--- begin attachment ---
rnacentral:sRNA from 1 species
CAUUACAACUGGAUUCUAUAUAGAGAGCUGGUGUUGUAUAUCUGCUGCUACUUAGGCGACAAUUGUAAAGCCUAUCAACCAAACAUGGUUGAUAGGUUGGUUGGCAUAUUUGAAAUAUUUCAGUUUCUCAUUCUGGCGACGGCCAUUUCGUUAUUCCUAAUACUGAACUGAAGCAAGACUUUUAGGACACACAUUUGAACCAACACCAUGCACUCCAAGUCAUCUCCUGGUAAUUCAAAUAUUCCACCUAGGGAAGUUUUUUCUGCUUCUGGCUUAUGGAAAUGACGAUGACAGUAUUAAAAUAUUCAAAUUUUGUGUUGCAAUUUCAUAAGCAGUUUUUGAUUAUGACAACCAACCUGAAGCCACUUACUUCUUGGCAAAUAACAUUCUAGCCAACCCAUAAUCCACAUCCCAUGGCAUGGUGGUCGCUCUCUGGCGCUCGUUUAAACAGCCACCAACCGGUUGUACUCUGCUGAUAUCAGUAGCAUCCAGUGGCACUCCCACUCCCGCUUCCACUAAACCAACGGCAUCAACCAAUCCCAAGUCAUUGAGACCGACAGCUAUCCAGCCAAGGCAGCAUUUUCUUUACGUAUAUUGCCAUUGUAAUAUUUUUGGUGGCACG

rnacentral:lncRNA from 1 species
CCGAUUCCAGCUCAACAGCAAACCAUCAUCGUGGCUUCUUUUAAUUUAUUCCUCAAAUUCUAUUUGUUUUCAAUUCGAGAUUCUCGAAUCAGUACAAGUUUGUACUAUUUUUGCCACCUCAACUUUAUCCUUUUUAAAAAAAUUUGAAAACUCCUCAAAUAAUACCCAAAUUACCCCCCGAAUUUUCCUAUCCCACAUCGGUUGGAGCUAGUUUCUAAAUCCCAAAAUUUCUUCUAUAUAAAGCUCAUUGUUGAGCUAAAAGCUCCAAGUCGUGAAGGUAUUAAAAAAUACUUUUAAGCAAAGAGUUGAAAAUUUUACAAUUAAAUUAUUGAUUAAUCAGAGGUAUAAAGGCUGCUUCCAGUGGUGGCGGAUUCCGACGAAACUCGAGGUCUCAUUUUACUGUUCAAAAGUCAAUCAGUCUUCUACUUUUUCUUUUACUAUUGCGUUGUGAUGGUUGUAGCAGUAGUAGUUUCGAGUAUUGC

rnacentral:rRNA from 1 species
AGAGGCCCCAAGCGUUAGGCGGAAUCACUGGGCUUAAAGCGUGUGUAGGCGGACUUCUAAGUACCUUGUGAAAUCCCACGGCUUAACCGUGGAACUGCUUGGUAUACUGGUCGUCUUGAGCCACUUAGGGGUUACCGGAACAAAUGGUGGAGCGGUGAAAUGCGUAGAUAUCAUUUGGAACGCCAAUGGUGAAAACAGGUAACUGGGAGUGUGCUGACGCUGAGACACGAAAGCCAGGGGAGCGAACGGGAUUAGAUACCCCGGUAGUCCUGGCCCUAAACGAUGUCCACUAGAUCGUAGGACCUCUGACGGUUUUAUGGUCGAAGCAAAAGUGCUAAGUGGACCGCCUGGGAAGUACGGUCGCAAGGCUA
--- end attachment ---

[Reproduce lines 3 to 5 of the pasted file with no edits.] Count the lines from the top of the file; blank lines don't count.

rnacentral:lncRNA from 1 species
CCGAUUCCAGCUCAACAGCAAACCAUCAUCGUGGCUUCUUUUAAUUUAUUCCUCAAAUUCUAUUUGUUUUCAAUUCGAGAUUCUCGAAUCAGUACAAGUUUGUACUAUUUUUGCCACCUCAACUUUAUCCUUUUUAAAAAAAUUUGAAAACUCCUCAAAUAAUACCCAAAUUACCCCCCGAAUUUUCCUAUCCCACAUCGGUUGGAGCUAGUUUCUAAAUCCCAAAAUUUCUUCUAUAUAAAGCUCAUUGUUGAGCUAAAAGCUCCAAGUCGUGAAGGUAUUAAAAAAUACUUUUAAGCAAAGAGUUGAAAAUUUUACAAUUAAAUUAUUGAUUAAUCAGAGGUAUAAAGGCUGCUUCCAGUGGUGGCGGAUUCCGACGAAACUCGAGGUCUCAUUUUACUGUUCAAAAGUCAAUCAGUCUUCUACUUUUUCUUUUACUAUUGCGUUGUGAUGGUUGUAGCAGUAGUAGUUUCGAGUAUUGC

rnacentral:rRNA from 1 species